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Cemetery cannon gets refurbished: WWII-era artillery piece restored by CCTC class

For about as long as anyone can remember, a World War II-era cannon has stood on Veterans Hill in Woodland Cemetery in Ironton.

At some point, the 75-mm artillery cannon was painted a color that had faded down to an orange color. Time had also flattened the tires and mold was beginning to take over the old piece of military gear.

This didn’t sit well with Lawrence County Veterans Services officer Tim Carpenter.

“When I was up here for events, it just wasn’t up to standard,” he said. “It just looked horrible, both tires were flat, it actually had mold growing all over it.”

So, he went to the Lawrence County Commissioners and asked if he could take over responsibility for the upkeep of the cannon and get it refurbished.

They agreed, so Carpenter got Collins Career Technical Center’s RAMTEC class to agree to build and weld some jack stands on the cannon so the tires didn’t flatten out again. Then the students got interested in what was going to be done with the cannon.

“They asked what I what I was going to do with it. I told them I needed it completely stripped and repainted,” Carpenter said. “They said they could do that too. The teacher, Johnny Cyrus, him and his kids did an amazing job on this cannon. It is in better condition now than some of the military museum pieces I’ve seen. It looks like it rolled off the factory floor.”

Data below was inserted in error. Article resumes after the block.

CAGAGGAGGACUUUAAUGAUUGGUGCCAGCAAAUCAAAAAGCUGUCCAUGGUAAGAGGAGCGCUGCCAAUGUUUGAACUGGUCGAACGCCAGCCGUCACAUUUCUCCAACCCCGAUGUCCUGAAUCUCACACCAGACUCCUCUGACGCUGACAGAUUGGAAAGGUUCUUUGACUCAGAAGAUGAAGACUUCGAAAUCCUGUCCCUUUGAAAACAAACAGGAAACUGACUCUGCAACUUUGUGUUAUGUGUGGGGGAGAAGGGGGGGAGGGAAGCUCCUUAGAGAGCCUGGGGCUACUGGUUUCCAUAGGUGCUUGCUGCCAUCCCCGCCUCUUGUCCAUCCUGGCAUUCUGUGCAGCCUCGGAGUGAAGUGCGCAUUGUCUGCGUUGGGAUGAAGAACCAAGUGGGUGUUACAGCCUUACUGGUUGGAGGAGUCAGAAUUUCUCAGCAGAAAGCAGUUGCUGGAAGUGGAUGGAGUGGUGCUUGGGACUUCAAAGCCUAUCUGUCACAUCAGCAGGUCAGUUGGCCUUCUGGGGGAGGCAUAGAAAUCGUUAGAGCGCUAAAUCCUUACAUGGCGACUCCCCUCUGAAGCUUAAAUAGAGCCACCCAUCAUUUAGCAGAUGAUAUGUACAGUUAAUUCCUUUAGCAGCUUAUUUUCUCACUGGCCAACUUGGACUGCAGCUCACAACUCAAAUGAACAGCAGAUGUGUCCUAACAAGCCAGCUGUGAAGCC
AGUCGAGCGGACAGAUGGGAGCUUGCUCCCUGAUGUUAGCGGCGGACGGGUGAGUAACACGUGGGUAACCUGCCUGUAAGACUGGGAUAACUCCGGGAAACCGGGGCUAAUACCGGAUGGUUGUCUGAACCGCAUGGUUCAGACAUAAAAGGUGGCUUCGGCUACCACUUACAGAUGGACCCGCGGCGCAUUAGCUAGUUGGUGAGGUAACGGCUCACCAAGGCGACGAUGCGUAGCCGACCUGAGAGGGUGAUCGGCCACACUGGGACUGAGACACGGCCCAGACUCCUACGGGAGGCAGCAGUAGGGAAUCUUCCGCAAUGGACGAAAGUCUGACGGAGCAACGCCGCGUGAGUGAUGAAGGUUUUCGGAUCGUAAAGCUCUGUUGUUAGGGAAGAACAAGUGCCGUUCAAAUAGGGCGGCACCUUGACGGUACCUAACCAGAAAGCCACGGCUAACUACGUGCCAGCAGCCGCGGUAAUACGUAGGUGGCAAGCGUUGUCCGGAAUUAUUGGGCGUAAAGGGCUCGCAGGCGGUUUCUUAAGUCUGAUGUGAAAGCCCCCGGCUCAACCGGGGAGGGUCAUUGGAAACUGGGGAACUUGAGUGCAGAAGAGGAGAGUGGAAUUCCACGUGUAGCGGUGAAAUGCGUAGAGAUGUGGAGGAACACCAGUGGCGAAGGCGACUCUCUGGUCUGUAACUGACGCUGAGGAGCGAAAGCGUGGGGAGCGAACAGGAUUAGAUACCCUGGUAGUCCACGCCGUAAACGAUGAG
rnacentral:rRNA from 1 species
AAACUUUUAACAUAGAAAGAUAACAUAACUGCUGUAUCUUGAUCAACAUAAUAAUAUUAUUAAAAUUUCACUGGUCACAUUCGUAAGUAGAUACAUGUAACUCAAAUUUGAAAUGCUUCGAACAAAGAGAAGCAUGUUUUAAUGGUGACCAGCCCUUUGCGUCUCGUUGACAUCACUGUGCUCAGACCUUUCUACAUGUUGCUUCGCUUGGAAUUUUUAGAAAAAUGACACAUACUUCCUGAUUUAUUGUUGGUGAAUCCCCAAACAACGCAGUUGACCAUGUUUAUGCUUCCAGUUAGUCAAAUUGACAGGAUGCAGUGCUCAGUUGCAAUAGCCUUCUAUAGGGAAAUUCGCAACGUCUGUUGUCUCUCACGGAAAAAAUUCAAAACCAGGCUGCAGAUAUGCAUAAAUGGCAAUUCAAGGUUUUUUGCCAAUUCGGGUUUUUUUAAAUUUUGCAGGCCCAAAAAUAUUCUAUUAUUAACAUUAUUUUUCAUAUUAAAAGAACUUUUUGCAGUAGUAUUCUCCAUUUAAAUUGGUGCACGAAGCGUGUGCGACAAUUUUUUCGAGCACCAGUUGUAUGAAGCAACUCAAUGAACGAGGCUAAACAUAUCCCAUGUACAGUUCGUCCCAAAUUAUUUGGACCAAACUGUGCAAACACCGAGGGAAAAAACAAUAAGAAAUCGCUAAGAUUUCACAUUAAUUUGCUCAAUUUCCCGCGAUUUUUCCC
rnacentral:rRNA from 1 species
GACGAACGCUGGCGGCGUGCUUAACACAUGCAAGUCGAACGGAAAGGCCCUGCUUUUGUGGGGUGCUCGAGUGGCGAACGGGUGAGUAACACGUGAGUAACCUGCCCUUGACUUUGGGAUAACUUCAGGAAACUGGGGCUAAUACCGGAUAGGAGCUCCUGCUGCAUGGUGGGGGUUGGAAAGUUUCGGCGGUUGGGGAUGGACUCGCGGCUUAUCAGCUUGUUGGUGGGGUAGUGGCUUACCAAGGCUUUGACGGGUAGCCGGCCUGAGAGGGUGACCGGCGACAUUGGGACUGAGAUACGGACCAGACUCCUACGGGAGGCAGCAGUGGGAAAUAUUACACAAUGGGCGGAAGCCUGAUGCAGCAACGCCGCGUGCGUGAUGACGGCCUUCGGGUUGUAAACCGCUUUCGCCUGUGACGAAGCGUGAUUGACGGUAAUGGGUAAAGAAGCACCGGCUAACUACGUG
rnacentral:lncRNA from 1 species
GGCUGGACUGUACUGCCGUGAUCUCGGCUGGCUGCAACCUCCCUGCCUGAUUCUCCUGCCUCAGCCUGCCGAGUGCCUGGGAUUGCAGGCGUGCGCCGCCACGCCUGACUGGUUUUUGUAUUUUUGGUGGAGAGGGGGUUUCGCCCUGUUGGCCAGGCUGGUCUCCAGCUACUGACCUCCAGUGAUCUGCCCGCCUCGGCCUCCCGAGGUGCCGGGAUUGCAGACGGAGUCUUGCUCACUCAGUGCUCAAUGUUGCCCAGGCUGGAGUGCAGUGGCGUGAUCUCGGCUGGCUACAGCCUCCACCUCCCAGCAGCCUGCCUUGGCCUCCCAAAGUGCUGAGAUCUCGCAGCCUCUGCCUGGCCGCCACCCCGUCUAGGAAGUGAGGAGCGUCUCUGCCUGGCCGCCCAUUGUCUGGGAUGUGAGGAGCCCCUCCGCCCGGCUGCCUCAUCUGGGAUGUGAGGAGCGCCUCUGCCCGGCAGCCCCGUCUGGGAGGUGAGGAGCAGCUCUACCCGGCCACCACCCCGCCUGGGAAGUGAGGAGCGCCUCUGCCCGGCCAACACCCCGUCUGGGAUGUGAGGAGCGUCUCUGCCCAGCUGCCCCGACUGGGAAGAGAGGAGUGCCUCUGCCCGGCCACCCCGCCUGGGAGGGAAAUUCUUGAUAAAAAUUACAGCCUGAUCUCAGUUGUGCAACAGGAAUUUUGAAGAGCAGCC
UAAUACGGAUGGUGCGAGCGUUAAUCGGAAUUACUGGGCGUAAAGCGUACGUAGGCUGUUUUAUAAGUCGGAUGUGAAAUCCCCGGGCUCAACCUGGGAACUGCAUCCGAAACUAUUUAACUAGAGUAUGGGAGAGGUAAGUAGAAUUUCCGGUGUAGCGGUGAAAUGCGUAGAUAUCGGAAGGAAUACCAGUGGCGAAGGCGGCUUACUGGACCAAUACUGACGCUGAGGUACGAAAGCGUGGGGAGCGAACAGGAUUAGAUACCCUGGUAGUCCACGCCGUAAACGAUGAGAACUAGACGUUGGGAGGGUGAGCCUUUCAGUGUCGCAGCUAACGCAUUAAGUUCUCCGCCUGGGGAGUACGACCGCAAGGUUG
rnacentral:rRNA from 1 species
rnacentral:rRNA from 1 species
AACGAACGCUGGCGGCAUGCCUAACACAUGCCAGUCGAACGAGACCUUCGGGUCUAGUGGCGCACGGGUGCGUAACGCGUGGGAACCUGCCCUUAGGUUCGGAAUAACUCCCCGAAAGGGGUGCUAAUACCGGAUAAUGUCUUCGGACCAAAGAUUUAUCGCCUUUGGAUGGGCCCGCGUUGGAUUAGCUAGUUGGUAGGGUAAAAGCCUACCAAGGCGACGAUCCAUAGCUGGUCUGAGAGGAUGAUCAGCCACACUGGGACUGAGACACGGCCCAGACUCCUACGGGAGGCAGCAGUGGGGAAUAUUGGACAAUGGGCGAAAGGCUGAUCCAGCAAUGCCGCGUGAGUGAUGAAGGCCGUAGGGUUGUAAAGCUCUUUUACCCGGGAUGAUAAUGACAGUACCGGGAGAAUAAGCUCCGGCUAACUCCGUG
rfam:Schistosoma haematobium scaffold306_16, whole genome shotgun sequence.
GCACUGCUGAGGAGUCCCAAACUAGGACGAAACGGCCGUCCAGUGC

The hand-painted red color is gone and the cannon has proper military tires replacing some agricultural ones.

Carpenter said the cannon was manufactured in 1943, but if it was used in a military conflict, it was probably in the Korean War. Even after doing some research and talking to anyone who might possibly know, he couldn’t find out when it was placed in the cemetery or by what group.

“That is one of my issues, I couldn’t find any information or anyone who could say they even owned it,” he said.

On Friday, Carpenter was at the cemetery as the cannon was reinstalled ahead of Saturday’s Wreaths Across America event where all the veterans’ graves will have an evergreen wreath laid on it.

“I want this to be a point of pride,” he said. “I want people to come a look at it. This is the first step of a project to make this spot attractive again. This is just the first step, I have a long way to go.”